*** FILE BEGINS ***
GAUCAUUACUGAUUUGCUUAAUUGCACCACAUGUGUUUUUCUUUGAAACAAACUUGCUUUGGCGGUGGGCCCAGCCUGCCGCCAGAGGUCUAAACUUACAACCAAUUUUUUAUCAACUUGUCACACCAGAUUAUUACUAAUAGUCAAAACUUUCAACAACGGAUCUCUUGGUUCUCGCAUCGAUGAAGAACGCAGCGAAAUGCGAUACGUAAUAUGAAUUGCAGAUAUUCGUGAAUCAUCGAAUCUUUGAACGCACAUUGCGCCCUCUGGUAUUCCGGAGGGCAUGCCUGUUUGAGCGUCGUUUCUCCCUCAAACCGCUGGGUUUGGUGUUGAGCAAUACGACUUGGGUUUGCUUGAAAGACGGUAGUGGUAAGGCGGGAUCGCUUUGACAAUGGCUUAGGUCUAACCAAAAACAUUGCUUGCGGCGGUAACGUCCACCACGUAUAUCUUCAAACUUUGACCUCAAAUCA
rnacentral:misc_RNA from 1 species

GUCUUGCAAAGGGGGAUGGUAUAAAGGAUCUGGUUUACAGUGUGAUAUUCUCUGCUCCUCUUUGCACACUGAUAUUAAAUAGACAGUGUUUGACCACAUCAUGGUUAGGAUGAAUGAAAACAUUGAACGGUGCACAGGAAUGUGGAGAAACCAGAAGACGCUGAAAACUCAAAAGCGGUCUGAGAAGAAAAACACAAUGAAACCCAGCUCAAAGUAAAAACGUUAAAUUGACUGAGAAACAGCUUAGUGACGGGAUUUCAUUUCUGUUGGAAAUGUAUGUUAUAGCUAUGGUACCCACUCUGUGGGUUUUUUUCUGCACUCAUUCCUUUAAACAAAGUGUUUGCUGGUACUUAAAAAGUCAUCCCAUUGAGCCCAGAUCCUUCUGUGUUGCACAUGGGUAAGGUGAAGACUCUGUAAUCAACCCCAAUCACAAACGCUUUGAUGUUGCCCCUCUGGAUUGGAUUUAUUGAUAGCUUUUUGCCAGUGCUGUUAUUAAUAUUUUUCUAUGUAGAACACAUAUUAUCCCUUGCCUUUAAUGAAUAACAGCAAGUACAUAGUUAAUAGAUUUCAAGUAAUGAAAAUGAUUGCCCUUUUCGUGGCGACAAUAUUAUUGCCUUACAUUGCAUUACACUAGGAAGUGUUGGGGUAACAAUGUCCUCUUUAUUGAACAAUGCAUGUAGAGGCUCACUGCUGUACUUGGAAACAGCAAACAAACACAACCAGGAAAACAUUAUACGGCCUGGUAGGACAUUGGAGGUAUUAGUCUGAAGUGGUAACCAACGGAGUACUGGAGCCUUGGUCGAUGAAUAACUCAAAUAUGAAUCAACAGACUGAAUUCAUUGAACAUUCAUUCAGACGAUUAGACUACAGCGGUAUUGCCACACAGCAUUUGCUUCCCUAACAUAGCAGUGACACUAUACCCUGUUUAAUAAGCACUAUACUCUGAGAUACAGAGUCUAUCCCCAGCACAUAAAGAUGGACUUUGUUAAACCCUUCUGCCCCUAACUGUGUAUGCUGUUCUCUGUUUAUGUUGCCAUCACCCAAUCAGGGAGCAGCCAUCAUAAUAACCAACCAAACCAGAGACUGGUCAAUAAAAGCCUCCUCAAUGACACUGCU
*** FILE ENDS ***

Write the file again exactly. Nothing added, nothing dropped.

GAUCAUUACUGAUUUGCUUAAUUGCACCACAUGUGUUUUUCUUUGAAACAAACUUGCUUUGGCGGUGGGCCCAGCCUGCCGCCAGAGGUCUAAACUUACAACCAAUUUUUUAUCAACUUGUCACACCAGAUUAUUACUAAUAGUCAAAACUUUCAACAACGGAUCUCUUGGUUCUCGCAUCGAUGAAGAACGCAGCGAAAUGCGAUACGUAAUAUGAAUUGCAGAUAUUCGUGAAUCAUCGAAUCUUUGAACGCACAUUGCGCCCUCUGGUAUUCCGGAGGGCAUGCCUGUUUGAGCGUCGUUUCUCCCUCAAACCGCUGGGUUUGGUGUUGAGCAAUACGACUUGGGUUUGCUUGAAAGACGGUAGUGGUAAGGCGGGAUCGCUUUGACAAUGGCUUAGGUCUAACCAAAAACAUUGCUUGCGGCGGUAACGUCCACCACGUAUAUCUUCAAACUUUGACCUCAAAUCA
rnacentral:misc_RNA from 1 species

GUCUUGCAAAGGGGGAUGGUAUAAAGGAUCUGGUUUACAGUGUGAUAUUCUCUGCUCCUCUUUGCACACUGAUAUUAAAUAGACAGUGUUUGACCACAUCAUGGUUAGGAUGAAUGAAAACAUUGAACGGUGCACAGGAAUGUGGAGAAACCAGAAGACGCUGAAAACUCAAAAGCGGUCUGAGAAGAAAAACACAAUGAAACCCAGCUCAAAGUAAAAACGUUAAAUUGACUGAGAAACAGCUUAGUGACGGGAUUUCAUUUCUGUUGGAAAUGUAUGUUAUAGCUAUGGUACCCACUCUGUGGGUUUUUUUCUGCACUCAUUCCUUUAAACAAAGUGUUUGCUGGUACUUAAAAAGUCAUCCCAUUGAGCCCAGAUCCUUCUGUGUUGCACAUGGGUAAGGUGAAGACUCUGUAAUCAACCCCAAUCACAAACGCUUUGAUGUUGCCCCUCUGGAUUGGAUUUAUUGAUAGCUUUUUGCCAGUGCUGUUAUUAAUAUUUUUCUAUGUAGAACACAUAUUAUCCCUUGCCUUUAAUGAAUAACAGCAAGUACAUAGUUAAUAGAUUUCAAGUAAUGAAAAUGAUUGCCCUUUUCGUGGCGACAAUAUUAUUGCCUUACAUUGCAUUACACUAGGAAGUGUUGGGGUAACAAUGUCCUCUUUAUUGAACAAUGCAUGUAGAGGCUCACUGCUGUACUUGGAAACAGCAAACAAACACAACCAGGAAAACAUUAUACGGCCUGGUAGGACAUUGGAGGUAUUAGUCUGAAGUGGUAACCAACGGAGUACUGGAGCCUUGGUCGAUGAAUAACUCAAAUAUGAAUCAACAGACUGAAUUCAUUGAACAUUCAUUCAGACGAUUAGACUACAGCGGUAUUGCCACACAGCAUUUGCUUCCCUAACAUAGCAGUGACACUAUACCCUGUUUAAUAAGCACUAUACUCUGAGAUACAGAGUCUAUCCCCAGCACAUAAAGAUGGACUUUGUUAAACCCUUCUGCCCCUAACUGUGUAUGCUGUUCUCUGUUUAUGUUGCCAUCACCCAAUCAGGGAGCAGCCAUCAUAAUAACCAACCAAACCAGAGACUGGUCAAUAAAAGCCUCCUCAAUGACACUGCU